John Walker


John Walker was an actor, theater manager, educator, lecturer, writer and lexicographer in England who exerted considerable influence on the elocution movement in his home country as well as in the early days of elocutionary practices in the US. He established a notation system for training actors in oratory. His system differed from earlier ones (e.g., that of Thomas Sheridan) in that Walker's tied grammar to intonation. He presented an elaborate set of rules that he saw as governing the relationship between intonation and grammatical form.

Walker was long known for his English dictionary of the English language (1791) which followed the famous Johnson's dictionary (1755) and was much later superseded by dictionaries in America created by Noah Webster (1828) and Joseph Emerson Worcester (1831).

Writings of John Walker, arranged chronologically

Walker, J. (1799). The exercises for improvement in elocution. (A collection of readings.)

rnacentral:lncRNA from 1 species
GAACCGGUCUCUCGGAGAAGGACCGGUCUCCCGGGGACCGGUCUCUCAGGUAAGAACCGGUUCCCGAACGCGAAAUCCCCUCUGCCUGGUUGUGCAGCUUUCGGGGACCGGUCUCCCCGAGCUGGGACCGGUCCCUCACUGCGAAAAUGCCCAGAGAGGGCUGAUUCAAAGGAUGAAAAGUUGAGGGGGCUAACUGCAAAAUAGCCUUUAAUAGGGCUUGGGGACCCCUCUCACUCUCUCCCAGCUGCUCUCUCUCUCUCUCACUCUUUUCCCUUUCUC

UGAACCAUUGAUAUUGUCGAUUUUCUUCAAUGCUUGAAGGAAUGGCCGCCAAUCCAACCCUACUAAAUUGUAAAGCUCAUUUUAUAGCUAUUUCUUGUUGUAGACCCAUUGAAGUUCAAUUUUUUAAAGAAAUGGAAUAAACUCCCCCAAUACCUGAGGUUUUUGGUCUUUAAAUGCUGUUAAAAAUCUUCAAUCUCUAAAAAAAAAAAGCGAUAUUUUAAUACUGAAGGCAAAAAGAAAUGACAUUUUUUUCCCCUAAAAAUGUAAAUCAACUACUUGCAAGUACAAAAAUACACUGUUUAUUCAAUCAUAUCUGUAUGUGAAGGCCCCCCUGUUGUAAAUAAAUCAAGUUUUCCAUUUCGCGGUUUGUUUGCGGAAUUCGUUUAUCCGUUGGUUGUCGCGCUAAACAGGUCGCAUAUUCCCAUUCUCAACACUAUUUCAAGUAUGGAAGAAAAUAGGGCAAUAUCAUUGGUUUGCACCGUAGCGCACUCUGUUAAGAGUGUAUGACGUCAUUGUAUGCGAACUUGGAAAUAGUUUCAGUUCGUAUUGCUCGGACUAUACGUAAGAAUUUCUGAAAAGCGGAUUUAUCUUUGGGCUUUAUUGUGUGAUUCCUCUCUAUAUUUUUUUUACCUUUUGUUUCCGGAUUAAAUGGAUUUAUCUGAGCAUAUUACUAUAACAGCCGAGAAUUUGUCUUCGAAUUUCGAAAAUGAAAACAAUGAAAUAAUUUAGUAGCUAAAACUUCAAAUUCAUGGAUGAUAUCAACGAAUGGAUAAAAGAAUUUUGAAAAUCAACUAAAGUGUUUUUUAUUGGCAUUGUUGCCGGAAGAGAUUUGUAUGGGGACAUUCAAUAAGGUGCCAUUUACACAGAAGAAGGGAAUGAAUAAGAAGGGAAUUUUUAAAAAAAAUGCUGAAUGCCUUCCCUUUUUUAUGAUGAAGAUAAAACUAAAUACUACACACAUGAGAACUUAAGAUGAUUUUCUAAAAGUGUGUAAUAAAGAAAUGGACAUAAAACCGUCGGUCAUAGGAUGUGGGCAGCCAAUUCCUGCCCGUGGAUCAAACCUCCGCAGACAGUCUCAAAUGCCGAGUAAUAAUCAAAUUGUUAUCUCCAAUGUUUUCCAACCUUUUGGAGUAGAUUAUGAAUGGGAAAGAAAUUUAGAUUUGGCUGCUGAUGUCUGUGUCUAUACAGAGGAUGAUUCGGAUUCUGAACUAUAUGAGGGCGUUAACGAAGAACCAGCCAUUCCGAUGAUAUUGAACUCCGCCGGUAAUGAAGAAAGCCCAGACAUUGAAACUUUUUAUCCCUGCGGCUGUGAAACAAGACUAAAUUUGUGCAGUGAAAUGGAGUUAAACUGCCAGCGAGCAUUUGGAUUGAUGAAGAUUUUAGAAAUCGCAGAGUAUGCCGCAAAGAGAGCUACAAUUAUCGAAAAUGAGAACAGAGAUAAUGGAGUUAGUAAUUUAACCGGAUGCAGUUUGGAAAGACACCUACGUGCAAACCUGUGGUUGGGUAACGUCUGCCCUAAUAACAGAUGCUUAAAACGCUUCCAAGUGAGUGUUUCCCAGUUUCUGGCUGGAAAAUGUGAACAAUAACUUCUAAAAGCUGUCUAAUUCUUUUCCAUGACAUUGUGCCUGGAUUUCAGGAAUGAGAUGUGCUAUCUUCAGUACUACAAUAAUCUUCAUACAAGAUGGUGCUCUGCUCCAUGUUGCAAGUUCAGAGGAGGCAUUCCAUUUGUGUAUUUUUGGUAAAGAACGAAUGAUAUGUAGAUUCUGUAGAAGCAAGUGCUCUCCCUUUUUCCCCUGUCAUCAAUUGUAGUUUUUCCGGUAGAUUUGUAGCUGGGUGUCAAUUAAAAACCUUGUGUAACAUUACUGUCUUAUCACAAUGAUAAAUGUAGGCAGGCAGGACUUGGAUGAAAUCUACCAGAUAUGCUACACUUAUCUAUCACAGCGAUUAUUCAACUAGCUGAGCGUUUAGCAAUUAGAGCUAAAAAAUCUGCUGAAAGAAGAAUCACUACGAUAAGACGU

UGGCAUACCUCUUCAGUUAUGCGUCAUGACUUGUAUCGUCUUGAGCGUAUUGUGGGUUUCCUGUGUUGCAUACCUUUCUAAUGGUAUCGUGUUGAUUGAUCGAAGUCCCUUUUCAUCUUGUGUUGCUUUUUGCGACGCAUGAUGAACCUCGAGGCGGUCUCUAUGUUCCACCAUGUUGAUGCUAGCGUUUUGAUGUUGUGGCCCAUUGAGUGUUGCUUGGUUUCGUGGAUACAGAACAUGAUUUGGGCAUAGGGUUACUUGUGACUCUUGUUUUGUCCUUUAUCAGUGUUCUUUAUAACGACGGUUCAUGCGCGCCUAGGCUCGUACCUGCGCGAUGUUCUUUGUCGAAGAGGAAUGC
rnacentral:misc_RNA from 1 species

Walker, J. (1781). The elements of elocution. (Walker's most important work, a systematic presentation of a theory of elocution.)

Walker, J. (1783). Hints for the improvement in the art of reading. (A summary of his book Elements of elocution (see above.)

Walker, J. (1785). A rhetorical grammar (unites old canons of rhetoric with new ones of elocution.)

Walker, J. (1787). Melody of speaking delineated. (Explains a method of teaching elocution by means of signs adapted from musical notation.)

Walker, J. (1789). The academic speaker (a book of extracts for declamatory practice, introduced by two essays on gesture and acting).

Walker, J. (1791) A critical pronouncing dictionary. London: Robinson.

Writings about Walker

Haberman, F. (1954). English sources of American elocution. In K. Wallace (ed.). History of speech education in America. (pp. 105-126). NY: Appleton-Century Crofts, Inc.